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MERRITT v. CAMERON.

decided: December 22, 1890.

MERRITT
v.
CAMERON.



ERROR TO THE CIRCUIT COURT OF THE UNITED STATES FOR THE SOUTHERN DISTRICT OF NEW YORK.

Author: Lamar

[ 137 U.S. Page 543]

 MR. JUSTICE LAMAR delivered the opinion of the court.

This was an action at law by Donald Cameron and Donald E. Cameron, composing the firm of Cameron & Co., importers, against the collector of the port of New York, to recover certain duties alleged to have been illegally exacted on a cargo of sugar and molasses. The only defence that appears to have been pleaded was, that the protest of the importers against such exaction of duties had not been made within ten days from the ascertainment and liquidation of the duties, as required by section 2931 of the Revised Statutes. The case was tried before Judge Shipman and a jury, resulting in a verdict and judgment in favor of the importers for the sum of $1759.84; and the collector thereupon sued out a writ of error.

The bill of exceptions, made part of the record, shows the following undisputed facts: On the 26th of July, 1880, Cameron & Co. imported into the United States at the port of New York, from Demerara, by the steamer Restless, a cargo of sugar and molasses, and made entry of the same for warehouse, in bond, under the laws of the United States for the warehousing of merchandise in bond. The estimated duties on the whole cargo amounted to $11,195.11; and, pursuant to law, the importers gave a bond to the United States, in the penal sum of $23,000, (about double the amount of the estimated duties,) containing the following condition: "That if, within one year from the said date of original importation, the said goods, wares and merchandise shall be regularly and lawfully withdrawn from public store or bonded warehouse on payment of the legal duties and charges to which they

[ 137 U.S. Page 544]

     shall then be subject; or if, after the expiration of one year and within three years from the said date of original importation, they shall be so withdrawn upon the like payment, with ten per centum added upon the amount of such duties and charges; or if, at any time within three years from the said date of original importation, they shall be so withdrawn for actual export beyond the limits of the United States, then the above obligation to be void; otherwise, to remain in full force."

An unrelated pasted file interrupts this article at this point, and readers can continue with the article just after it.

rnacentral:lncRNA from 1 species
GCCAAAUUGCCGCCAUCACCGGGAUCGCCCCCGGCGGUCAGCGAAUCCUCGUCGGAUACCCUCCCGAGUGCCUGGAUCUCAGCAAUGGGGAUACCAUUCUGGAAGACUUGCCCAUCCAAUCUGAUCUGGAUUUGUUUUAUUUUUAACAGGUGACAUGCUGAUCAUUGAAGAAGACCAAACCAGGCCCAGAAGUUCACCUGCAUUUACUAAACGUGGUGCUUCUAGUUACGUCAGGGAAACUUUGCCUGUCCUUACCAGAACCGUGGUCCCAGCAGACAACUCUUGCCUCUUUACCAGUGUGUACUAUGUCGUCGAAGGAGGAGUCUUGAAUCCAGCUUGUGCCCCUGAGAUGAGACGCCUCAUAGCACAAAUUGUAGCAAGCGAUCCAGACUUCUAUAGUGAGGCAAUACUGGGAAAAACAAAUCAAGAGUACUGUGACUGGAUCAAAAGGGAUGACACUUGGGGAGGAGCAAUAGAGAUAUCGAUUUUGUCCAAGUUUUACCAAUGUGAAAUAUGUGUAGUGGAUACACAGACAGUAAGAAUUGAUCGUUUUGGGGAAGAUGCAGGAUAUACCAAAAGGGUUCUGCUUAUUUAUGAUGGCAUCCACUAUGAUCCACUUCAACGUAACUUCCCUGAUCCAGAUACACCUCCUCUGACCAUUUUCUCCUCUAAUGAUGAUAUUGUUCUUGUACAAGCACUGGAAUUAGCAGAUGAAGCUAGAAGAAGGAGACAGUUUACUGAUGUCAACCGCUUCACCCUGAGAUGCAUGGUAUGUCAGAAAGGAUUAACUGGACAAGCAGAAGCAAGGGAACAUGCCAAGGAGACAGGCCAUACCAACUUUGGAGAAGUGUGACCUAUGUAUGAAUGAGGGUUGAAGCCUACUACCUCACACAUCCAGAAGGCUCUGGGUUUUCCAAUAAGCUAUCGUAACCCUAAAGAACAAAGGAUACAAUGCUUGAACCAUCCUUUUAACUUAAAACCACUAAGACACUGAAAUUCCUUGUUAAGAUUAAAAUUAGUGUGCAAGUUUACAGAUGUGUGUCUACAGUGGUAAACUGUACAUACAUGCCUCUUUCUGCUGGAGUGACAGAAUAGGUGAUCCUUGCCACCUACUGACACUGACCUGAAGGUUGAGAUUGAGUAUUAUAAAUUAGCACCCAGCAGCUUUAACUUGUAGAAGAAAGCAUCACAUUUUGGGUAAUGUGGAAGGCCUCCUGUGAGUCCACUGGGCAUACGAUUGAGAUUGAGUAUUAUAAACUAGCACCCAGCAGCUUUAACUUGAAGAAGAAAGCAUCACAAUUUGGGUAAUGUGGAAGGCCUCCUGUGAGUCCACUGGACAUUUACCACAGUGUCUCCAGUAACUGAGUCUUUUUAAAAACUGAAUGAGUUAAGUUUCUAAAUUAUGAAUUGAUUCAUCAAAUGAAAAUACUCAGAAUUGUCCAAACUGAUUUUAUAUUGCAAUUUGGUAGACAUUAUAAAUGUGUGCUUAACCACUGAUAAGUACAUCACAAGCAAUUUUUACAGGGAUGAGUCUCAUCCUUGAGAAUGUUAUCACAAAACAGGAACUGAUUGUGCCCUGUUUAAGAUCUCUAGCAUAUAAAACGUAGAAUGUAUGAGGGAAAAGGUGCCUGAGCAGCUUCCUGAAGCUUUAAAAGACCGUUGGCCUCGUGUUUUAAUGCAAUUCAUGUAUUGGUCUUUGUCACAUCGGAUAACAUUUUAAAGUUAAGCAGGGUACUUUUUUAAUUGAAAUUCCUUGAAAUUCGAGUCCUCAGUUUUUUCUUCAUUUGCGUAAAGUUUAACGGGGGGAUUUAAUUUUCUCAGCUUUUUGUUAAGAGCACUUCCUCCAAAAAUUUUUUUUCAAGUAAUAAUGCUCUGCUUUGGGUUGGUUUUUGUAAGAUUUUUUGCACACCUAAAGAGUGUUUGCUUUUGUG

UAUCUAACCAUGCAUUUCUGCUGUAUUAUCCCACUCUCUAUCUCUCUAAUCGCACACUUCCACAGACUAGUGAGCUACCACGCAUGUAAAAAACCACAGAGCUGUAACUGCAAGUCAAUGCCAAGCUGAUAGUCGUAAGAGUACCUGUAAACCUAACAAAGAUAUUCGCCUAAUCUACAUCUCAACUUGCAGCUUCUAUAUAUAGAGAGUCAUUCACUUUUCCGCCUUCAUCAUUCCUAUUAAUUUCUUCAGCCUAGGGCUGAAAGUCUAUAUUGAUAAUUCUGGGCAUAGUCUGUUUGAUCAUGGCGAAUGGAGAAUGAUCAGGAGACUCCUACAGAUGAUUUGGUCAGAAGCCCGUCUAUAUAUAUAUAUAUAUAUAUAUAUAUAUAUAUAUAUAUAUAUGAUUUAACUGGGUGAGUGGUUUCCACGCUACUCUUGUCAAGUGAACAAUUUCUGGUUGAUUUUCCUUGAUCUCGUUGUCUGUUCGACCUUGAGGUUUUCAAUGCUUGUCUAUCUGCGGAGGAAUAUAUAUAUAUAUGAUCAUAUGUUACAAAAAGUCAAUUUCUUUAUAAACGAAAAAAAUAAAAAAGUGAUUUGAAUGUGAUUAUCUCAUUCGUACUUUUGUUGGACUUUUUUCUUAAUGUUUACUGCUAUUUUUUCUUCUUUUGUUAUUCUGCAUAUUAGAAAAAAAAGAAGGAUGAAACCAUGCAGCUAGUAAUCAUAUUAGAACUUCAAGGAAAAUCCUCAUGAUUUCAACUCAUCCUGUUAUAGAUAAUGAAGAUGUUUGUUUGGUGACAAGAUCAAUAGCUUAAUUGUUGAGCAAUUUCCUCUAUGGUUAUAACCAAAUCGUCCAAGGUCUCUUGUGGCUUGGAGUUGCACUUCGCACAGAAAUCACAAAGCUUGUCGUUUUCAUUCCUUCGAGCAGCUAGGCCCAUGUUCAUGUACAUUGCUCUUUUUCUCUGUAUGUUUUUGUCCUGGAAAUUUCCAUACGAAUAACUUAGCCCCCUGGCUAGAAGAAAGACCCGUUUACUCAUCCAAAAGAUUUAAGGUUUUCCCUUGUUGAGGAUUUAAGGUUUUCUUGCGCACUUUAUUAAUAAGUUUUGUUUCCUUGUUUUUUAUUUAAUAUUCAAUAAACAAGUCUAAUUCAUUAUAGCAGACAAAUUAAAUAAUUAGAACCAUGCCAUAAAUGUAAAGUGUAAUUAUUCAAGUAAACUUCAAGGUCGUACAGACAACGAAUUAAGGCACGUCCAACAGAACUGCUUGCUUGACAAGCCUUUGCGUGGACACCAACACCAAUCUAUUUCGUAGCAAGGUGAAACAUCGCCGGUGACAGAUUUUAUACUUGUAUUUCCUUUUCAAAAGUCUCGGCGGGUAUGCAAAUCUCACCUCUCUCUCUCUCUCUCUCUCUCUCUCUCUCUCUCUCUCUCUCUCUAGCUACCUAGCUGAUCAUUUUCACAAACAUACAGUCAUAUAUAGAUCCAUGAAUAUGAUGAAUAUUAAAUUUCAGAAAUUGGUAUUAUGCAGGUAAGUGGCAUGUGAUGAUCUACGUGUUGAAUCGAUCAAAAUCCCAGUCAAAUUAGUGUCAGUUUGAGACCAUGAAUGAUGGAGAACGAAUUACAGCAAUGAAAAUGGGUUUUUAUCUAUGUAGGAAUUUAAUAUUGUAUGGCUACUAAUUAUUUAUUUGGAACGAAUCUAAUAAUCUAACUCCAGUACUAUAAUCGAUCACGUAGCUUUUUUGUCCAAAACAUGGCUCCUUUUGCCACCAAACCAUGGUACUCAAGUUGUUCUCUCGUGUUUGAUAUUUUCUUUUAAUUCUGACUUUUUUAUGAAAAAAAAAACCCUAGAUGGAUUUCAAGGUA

On the 4th of august, 1880, the importers withdrew the sugar from warehouse for consumption, and paid to the collector the sum of $10,913.55 as the estimated duties thereon, and on account of the duties to be afterwards ascertained and liquidated by him. The appraisement of both the sugar and molasses was made on the 6th of August, and on the 20th of August the collector ascertained and liquidated the duties on the whole cargo, as imported, fixing them at $12,157.76, and stamped upon the entry "Liquidated, and notified importer August 20, 1880." What was meant by "liquidated," as thus sued, was, that the entry had been passed regularly through the various divisions of the collector's office, and the duties thereon had been finally ascertained and fixed by the custom officials. "Notified importer" meant that the fact of the liquidation had been stated on a sheet of paper which was hung up in the custom-house for the information of the importer. On the 10th of September, 1880, the importers withdrew the molasses from the warehouse for consumption, and paid to the collector the balance of the duties assessed on the whole cargo, to wit, $1244.21, of which $327.50 was the whole amount of the duty on the molasses, and $916.71 was the balance of the duties assessed on the sugar.